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  • Writer's pictureLaurel Werner

2017 Reflection and 2018 Year Ahead

Greetings and happy new year!! As I am about to embark on my first 2018 visit to Tanzania, I am reflecting on our progress in 2017 and especially of my time working with the women in Majengo village and the things we have taught each other. They have come so far in being independent and strong! We now have about 100 women working in decorating, sewing, and catering and they continue to grow. They are always so proud to tell me stories about their jobs and show me materials they have purchased from their profits. The village truck has been a blessing and life saver, literally, as it is used to take expectant mothers, sick babies and elderly, and those hurt, sick, and injured, to the infirmary. The clergy also use the truck for funeral processions. It's had a tremendous impact on the community and they are proud to have it and they take good care of it. During my last visit we had a blessing of the truck!

I am so incredibly proud of the women! They have such strength, patience, and stamina and it's a harsh environment so they can be beaten and abused but they are survivors. It's interesting, the village communities have their own justice and they handle their issues, and they often do arrest the men that abuse the women, and when I know of challenges and ask them how they are doing, they tell me they have "worked it out." This has sort of become my mantra even in my own life, I work it out!

In 2017, we put ten women through mountain guide training school and they are now certified mountain guides working on Mt. Kilimanjaro and making significantly higher wages, but as women in an male dominated work force they face sexual harassment and there was an news article I sent earlier on FB that you may have seen, but here it is again, so please take the time to read. Nature Discovery donated the rain suits to the girls so they also look very respectable and with good gear!

Women KiliTech put through school to be guides on Mt. Kilimanjaro

This year, 2018, we are already in full swing installing a 10,000 liter water tank and water lines for the kitchen and hand washing station, and a water filtration system for drinking water, at the Kisimani School in Arusha. There are over 700 children at this school and they have only one water tap so they fill buckets every day for washing and cleaning, boil water for drinking water. Can you imagine using buckets of water for seven hundred kids? These women are super women! Their backs are breaking but they don't complain, they are overjoyed that the children have a school to go to where Leah Wagner Leonard and Friends of Kisimani teach them English and primary education and they make sure they have at least one meal in their bellies every day. We hope to begin phase II of installing eastern style flushing toilets (squat toilets but they flush) and a septic system because they only have pit latrines now and this presents significant health risks as you can imagine. This is a big project of about $50,000 so when we had the "Giving Tuesday" and we raised $14,000 and Tony and I matched everyone's donation, we have paid for over half of the project. THANK YOU!!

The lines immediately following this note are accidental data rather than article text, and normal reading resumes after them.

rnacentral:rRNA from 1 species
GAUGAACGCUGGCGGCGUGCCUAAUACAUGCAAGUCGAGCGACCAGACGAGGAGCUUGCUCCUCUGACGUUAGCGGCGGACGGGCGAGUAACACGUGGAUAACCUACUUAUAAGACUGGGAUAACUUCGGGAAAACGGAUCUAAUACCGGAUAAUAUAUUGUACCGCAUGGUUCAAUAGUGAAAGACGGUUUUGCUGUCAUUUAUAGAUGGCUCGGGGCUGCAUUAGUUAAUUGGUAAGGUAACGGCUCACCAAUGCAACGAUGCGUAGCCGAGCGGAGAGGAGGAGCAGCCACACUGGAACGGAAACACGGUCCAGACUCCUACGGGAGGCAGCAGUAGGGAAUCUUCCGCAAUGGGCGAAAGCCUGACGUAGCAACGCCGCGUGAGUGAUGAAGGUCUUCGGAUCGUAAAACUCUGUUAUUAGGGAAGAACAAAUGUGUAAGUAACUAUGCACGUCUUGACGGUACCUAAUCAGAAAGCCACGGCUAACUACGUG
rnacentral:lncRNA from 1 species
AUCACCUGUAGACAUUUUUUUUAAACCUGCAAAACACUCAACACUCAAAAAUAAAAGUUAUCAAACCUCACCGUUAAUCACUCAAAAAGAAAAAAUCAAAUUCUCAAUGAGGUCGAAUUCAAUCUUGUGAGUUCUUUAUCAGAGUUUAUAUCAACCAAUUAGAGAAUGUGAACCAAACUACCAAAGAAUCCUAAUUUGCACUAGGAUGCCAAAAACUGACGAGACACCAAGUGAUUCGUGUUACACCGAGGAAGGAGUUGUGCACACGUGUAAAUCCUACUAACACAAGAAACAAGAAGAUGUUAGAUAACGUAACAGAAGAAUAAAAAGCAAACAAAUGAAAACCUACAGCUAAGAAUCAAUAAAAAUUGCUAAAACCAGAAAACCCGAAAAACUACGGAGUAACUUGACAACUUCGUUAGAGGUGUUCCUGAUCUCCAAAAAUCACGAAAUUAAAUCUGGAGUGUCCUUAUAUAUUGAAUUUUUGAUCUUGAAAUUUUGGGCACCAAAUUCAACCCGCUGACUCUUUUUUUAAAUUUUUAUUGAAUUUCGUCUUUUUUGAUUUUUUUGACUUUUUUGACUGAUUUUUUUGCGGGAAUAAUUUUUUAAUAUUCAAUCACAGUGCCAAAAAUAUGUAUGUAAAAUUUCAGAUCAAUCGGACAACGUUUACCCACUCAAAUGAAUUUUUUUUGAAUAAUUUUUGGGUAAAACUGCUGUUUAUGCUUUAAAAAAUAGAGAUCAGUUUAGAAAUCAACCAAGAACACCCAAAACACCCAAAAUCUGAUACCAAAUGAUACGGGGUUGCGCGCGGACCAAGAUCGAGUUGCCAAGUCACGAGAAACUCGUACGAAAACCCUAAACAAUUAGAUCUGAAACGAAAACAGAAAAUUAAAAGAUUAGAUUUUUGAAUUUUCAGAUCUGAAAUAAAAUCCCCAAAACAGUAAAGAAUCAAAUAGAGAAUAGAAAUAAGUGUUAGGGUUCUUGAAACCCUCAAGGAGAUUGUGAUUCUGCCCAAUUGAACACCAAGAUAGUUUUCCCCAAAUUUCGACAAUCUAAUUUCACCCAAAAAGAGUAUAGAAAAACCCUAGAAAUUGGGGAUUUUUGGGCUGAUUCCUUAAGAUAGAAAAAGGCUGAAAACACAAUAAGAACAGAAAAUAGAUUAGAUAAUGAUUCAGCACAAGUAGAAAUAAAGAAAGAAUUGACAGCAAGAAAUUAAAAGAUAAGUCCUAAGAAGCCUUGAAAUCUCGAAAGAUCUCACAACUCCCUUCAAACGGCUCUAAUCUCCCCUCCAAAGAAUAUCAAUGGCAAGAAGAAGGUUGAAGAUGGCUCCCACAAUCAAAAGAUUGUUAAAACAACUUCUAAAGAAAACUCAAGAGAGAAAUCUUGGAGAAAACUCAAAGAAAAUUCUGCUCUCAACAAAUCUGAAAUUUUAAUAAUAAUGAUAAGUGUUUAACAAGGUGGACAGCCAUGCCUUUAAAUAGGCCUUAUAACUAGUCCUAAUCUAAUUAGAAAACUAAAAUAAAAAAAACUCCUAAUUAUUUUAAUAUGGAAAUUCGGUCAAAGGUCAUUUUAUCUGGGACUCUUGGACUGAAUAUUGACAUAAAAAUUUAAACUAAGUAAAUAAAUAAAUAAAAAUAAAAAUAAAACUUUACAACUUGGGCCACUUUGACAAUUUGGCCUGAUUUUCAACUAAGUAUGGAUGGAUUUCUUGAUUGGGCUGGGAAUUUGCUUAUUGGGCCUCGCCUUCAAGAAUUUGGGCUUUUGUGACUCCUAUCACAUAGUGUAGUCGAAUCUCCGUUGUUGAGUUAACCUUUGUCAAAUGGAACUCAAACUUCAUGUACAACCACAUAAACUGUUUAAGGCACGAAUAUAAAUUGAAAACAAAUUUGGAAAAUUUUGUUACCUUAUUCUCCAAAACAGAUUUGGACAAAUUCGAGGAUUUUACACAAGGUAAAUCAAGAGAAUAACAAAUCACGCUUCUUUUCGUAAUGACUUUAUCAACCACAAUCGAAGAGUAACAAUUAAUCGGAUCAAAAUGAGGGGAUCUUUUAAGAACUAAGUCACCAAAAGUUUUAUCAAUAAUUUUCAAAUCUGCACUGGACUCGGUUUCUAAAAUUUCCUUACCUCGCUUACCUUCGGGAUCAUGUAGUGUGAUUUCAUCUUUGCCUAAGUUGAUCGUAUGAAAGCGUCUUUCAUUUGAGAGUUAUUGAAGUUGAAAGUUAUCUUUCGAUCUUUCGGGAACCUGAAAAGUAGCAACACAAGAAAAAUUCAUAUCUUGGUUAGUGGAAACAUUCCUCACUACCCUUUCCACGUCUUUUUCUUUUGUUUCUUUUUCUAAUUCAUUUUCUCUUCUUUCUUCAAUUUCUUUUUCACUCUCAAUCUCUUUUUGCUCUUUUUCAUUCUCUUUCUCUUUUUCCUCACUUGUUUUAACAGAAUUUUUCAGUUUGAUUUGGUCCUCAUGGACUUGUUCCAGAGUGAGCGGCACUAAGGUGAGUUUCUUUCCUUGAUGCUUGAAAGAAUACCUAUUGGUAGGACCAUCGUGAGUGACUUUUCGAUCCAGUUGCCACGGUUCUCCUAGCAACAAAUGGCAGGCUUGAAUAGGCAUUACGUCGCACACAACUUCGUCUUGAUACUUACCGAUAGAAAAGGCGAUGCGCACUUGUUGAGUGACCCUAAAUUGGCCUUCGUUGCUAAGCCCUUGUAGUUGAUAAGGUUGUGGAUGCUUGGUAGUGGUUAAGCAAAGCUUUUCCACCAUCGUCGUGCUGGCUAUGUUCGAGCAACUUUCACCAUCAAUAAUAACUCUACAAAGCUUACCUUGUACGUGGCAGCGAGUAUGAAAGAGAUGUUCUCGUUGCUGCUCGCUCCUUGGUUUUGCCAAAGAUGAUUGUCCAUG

Aerial photo of Kisimani school and local community

KiliTech water project at Kisimani School

KiliTech beekeepers in Majengo Village

The men with the beekeeping are doing well and have twenty hives in production but they need more training so we are working with Nick Mao, Bee Dev., Ltd., to come in and help them and we are purchasing more bee suits and equipment as they are producing more honey than they know what to do with! Here they are checking on the hives and extracting the honey into buckets.

Another cool project that is in the works for 2018 is forming an all female wildlife ranger unit and we are excited to be working with Pasiansi wildlife institute to get ten women trained in anti-poaching and weapons training, wildlife tracking and certification as fully trained rangers. We are trying to think of a name for the group so if anyone has ideas please share! There is a similar group in South Africa called the Black Mambas :) We have some interest with one of the African wildlife foundations helping with the project and with some movie makers in LA to do a story on the women so I pray that we can put this together and have an elite all female anti-poaching squad that we can tell their stories and share with the world!

I am SO EXCITED to head over to Tanzania now for two weeks, my first trip in three months, and I am so excited to get back there and work with the people, have my Kili boots on the ground, enjoying lots of heat and humidity! I love to see all the smiling faces of the people we are helping. I also miss my monkeys that I have in my yard every morning and I feed them bananas!

Laurel with her monkeys

Elizabeth Furaha, Laurel and Tony's little girl in Tanzania

To the left is a photo of Tony's and my little girl, Elizabeth, but we all call her Ide. She is five years old now and enjoying boarding school at St. Constantine. She is one of the youngest boarders but she is so fiercely independent that she can hold her own with the older kids and she's made lots of friends!

I hope you enjoy the occasional news letters, I try to do once a quarter so as not to annoy anyone! Thanks for caring, thanks for sharing, and thanks for your love and support! Wishing everyone a healthy 2018 full of growth and opportunity!!


Laurel & Tony

Laurel and Tony in Majengo Village

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